Astronomers have confirmed a 40-year-old prediction that there should be tiny variations in the cosmic microwave background radiation (CMB) as a result of moving clusters of galaxies.
Back in 1972, an astrophysicist in Moscow, Russia, named Rashid Sunyaev found himself pondering the “afterglow” of the birth of our universe, a.k.a., the CMB, which offers a snapshot of those early days when the cosmos was a mere 380,000 years old.
Sunyaev and a colleague, Yakov Zel’dovich, didn’t have the technology to make precise measurements of the CMB, but they figured that the light had to pass through lots of galaxy clusters as it traveled across the vast expanse of space — and there should be tiny effects as a result of that interaction. The light should become just a wee bit cooler (redder) if that cluster is moving away from Earth, and very slightly hotter (bluer) if the cluster is moving toward Earth.
This should happen because there is a lot of very hot, ionized gas lurking between those galaxies, and quite a few so-called free electrons floating around as a result. (A gas becomes ionized when the temperature rises sufficiently to rip electrons away from atoms.)
Statistically, microwaves from the CMB would eventually collide with one of those electrons — a rare event, to be sure, but those collisions should leave a detectable trace in the form of slight variations in temperature as a microwave moves through a galaxy cluster, traveling away from Earth.
We’re talking a very slight variation, on the order of a few millionths of a degree, because a microwave doesn’t hit an electron very often. This became known as the kSZ (“kinematic Sunyaev-Zel’dovich”) effect. It was an interesting prediction, but physicists had no way of experimentally testing it for over 40 years.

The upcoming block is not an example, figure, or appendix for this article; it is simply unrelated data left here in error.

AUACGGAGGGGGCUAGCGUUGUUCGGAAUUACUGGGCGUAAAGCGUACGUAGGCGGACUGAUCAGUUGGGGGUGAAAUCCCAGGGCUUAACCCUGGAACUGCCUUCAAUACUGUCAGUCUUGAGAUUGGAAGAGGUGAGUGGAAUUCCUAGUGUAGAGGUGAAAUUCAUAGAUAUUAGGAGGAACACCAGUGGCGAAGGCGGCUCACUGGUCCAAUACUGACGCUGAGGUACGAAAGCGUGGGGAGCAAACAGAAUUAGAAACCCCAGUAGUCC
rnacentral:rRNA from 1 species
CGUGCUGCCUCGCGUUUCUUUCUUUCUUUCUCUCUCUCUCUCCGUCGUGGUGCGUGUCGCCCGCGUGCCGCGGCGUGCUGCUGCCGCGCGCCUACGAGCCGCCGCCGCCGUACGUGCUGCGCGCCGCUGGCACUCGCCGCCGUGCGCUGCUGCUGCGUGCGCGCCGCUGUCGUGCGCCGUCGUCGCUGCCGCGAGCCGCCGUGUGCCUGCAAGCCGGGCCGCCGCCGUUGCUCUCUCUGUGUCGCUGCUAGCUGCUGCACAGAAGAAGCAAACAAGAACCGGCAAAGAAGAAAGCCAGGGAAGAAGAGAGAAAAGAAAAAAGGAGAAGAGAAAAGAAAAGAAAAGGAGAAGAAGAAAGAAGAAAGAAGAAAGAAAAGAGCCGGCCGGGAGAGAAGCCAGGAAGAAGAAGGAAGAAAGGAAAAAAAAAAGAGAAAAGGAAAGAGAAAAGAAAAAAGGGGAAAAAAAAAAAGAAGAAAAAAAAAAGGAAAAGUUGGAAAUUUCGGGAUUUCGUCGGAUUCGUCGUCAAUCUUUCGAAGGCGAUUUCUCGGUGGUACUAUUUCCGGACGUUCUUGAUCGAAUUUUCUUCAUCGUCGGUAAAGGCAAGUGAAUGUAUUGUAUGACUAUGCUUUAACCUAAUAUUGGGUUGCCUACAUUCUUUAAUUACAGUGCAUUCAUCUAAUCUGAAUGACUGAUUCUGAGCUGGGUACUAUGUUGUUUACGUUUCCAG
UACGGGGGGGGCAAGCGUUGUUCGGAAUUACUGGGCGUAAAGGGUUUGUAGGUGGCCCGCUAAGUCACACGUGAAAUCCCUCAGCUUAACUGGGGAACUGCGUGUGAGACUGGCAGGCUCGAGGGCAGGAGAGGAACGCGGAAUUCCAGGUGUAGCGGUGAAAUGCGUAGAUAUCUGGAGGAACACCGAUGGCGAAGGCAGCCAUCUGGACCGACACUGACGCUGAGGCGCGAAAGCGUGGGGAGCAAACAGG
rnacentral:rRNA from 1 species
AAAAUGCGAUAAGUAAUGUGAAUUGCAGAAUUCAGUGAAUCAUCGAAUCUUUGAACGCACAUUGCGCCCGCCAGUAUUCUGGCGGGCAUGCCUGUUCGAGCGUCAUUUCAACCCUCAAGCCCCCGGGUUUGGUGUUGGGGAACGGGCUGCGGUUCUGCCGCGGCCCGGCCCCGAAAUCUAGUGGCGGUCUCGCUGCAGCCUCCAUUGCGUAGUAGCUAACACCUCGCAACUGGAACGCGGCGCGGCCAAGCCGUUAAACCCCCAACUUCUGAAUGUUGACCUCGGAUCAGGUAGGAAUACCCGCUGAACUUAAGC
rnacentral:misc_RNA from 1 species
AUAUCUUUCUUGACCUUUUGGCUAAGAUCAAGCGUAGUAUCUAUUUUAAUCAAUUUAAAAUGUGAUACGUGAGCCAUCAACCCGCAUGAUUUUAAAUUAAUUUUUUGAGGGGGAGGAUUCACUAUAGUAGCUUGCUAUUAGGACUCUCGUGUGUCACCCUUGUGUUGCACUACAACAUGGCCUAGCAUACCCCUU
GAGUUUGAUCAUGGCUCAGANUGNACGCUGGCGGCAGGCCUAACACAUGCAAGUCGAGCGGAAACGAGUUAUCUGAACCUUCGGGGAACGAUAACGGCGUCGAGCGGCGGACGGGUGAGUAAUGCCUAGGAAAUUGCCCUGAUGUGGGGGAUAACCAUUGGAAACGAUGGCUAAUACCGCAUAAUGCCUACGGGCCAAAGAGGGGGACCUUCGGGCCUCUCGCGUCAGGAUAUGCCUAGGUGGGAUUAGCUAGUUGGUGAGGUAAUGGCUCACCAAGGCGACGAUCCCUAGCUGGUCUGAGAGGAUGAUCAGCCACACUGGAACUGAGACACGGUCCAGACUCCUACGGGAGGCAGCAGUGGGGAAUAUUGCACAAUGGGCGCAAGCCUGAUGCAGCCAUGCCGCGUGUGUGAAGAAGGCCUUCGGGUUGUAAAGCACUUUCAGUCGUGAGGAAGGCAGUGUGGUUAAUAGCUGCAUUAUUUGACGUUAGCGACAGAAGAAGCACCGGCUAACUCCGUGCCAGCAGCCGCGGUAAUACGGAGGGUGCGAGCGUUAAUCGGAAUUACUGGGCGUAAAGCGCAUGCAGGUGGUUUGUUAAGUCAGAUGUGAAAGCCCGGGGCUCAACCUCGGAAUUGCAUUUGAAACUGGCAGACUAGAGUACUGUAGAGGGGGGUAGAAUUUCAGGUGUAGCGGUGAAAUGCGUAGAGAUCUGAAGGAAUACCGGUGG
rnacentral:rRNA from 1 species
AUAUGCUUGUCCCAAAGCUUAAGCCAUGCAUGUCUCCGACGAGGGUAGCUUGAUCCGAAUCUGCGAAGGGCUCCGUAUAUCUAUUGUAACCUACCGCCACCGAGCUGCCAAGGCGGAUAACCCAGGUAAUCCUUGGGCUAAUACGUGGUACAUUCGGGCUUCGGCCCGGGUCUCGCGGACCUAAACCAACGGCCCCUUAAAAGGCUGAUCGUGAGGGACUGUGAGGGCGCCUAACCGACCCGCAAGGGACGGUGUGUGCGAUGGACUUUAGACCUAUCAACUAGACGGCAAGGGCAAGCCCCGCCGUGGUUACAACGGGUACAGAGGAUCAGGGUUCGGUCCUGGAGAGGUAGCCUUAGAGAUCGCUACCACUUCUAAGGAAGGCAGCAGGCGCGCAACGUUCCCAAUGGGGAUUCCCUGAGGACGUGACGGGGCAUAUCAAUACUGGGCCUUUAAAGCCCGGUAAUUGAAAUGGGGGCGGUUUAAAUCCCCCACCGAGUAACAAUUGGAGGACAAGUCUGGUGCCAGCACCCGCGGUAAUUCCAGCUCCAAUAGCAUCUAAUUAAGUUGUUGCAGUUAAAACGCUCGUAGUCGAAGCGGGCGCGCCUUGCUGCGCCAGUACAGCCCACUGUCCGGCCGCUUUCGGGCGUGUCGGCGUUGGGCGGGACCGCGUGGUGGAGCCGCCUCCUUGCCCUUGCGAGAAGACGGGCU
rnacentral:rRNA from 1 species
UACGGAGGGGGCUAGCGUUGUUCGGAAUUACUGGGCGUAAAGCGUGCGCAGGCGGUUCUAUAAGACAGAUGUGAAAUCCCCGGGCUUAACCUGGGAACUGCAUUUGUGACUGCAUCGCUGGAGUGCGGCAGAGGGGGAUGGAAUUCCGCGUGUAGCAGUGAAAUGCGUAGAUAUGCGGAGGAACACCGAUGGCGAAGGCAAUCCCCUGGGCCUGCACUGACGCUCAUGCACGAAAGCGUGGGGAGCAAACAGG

Princeton astronomer David Spergal knew that two different kinds of data would be needed to detect the kSZ effect.
As a collaborator on the Atacama Cosmology Telescope (ACT), he figured it should be possible to strengthen the effect’s signal, and decrease the noise, by averaging all of the ACTs temperature maps of the cosmic microwave background for thousands of galaxy clusters.
But one would also need accurate maps to pinpoint the exact locations of the clusters. That’s where the Sloan Digital Sky Survey (SDSS) came in. The SDSS dataset includes the location of the 7500 brightest galaxies clusters.
The ACT operates in the microwave regime; the SDSS’s Baryonic Oscillation Spectroscopic Survey (BOSS) operates in the visible light regime. It wouldn’t have been possible to detect the kSZ effect by analyzing them separately. The power of the technique lies in combining the two.
Spergal assigned the painstaking and time-consuming task of combining these two datasets to Nick Hand, then a senior at Princeton, who was looking for a senior thesis project. (Hand is currently a graduate student at UC-Berkeley.)
First, Hand carefully marked where the the clusters were located. Then he used the ACT data to measure the CMB temperatures at those locations. When the analysis was completed, Hand confirmed that, indeed, the CMB temperatures were every so slightly higher in those spots, just as the kSZ effect predicted.
The kSZ effect should be particularly useful as a means of tracking how galaxy clusters move through the cosmos. And what about the gravitational forces that caused them to clump together in the first place? The most obvious culprits would be dark matter and dark energy, and because the kSZ effect is a direct means of probing how large-scale structures like galaxy clusters evolve in the universe, it could be used one day to evaluate competing theories.
The announcement of the discovery had to be a pretty exciting day for Sunyaev, who pronounced the work “extremely elegant.” He was in his 20s — like Hand is today — when he first predicted the effect. He’s now 69 and director of the Max Planck Institute for Astrophysics in Garching Germany. That’s a long time to wait for confirmation.
Images: (top) Map of the cosmic microwave background radiation. Public domain. (bottom) Figure: Sudeep Das, UC-Berkeley.